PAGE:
This was called the Ultimate Gorilla Photo SafariLink. We spent a week in Uganda and a week in Rwanda, photographing mostly primates on the mountain slopes. In Uganda, we first spent two days with chimpanzees. Then we spent two days with Mountain Gorillas. These were wild animals but were among the few families habituated to humans. That means they were used to seeing people and were less likely to run away, or worse, charge you. They pretty much ignored us as they went about their business. Since they share over 95% of our DNA, we were required to stay seven meters (23 feet) away to keep from sharing diseases. Apparently, some gorillas don’t know what a meter is. Each gorilla’s human exposure was limited to just one hour a day.
Though somewhat strenuous with inclines you don’t find in Florida and sometimes narrow, slippery, muddy trails through dense forest, our hikes weren’t too bad. A couple of times, they had to split our Natural Habitat Adventures group of ten people in half, and the other half managed to get the long hike – one day hiking over twelve miles in several hours (the last few of which were without water). One day, they got back to the lodge just before dark, and just after it started raining hard.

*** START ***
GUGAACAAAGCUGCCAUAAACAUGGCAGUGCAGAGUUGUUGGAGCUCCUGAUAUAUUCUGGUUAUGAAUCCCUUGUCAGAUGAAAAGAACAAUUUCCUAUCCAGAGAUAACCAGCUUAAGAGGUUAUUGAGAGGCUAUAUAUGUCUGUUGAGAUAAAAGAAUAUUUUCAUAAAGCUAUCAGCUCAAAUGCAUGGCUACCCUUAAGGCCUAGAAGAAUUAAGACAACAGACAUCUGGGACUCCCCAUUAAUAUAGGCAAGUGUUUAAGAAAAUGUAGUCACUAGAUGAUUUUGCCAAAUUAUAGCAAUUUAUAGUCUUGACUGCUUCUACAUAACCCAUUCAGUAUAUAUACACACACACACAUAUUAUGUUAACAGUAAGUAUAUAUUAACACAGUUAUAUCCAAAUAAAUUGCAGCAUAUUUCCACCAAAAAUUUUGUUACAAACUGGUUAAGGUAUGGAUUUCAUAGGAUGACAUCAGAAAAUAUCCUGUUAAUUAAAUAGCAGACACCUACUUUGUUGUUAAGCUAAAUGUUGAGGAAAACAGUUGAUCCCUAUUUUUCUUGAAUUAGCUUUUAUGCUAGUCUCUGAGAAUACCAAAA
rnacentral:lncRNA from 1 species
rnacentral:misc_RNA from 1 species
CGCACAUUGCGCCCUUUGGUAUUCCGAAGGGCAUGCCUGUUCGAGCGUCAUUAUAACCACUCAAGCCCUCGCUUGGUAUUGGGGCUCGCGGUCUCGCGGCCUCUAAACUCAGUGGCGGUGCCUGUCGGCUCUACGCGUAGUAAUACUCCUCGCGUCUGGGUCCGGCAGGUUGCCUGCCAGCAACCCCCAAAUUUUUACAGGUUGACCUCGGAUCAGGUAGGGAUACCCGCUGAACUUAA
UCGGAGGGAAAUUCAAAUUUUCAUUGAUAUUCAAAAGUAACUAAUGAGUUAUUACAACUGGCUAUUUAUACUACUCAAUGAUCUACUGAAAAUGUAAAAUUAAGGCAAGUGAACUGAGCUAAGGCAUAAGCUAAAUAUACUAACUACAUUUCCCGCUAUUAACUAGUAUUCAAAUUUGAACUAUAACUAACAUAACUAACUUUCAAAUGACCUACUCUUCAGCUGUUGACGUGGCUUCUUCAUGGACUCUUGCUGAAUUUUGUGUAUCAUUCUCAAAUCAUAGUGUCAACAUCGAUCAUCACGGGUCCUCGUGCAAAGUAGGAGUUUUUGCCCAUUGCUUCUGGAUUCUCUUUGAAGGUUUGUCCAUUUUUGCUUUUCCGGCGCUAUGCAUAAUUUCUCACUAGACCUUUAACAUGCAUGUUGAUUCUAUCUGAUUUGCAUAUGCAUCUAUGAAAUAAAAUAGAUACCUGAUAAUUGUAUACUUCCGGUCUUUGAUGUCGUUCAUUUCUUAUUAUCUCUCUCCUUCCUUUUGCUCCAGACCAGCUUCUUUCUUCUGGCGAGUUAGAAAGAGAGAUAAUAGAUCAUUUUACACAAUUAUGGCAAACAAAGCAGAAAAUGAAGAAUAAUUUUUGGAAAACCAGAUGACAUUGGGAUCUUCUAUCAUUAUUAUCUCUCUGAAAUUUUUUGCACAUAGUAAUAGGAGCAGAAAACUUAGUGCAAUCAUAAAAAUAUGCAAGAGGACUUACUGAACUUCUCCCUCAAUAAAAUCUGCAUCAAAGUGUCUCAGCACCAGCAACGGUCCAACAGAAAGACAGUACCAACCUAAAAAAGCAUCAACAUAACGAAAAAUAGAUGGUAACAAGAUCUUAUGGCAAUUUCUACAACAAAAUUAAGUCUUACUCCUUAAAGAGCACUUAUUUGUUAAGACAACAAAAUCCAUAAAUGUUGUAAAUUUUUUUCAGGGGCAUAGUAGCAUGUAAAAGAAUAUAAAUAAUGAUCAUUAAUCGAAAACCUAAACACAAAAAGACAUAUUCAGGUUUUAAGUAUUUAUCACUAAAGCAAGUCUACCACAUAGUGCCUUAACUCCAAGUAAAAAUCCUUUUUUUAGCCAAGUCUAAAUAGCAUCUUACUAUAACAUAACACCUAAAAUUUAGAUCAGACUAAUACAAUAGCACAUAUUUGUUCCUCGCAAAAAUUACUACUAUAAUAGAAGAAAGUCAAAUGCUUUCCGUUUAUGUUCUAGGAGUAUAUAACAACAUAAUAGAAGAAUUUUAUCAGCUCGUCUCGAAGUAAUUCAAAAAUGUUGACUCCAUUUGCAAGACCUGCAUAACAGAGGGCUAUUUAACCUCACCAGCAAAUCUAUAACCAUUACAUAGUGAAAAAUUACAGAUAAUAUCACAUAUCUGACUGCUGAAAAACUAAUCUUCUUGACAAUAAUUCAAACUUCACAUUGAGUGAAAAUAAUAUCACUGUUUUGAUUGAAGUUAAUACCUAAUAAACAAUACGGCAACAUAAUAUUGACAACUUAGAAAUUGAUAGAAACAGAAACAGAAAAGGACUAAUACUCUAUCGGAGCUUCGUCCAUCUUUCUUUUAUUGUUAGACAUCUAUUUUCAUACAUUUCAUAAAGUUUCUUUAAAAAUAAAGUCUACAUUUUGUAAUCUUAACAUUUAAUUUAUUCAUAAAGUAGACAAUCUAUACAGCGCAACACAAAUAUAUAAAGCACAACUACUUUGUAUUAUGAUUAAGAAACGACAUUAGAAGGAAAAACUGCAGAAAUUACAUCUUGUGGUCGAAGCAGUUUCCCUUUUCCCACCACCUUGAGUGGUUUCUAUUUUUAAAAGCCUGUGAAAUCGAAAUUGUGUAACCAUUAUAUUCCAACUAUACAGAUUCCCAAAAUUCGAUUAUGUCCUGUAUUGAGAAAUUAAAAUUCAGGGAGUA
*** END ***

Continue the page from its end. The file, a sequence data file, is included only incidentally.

In Rwanda, we visited two more families of gorillas and spent one morning with the Golden Monkeys. We also saw a pride of tree-climbing lions and an assortment of other mammals, birds, and other wildlife. Nancy took lots of pictures, and I even took some video. I have no idea how long it will take us to process all of those pictures.
[Ed note 10/9/2023: See We Have Three New Gorilla Pictures and its related links.]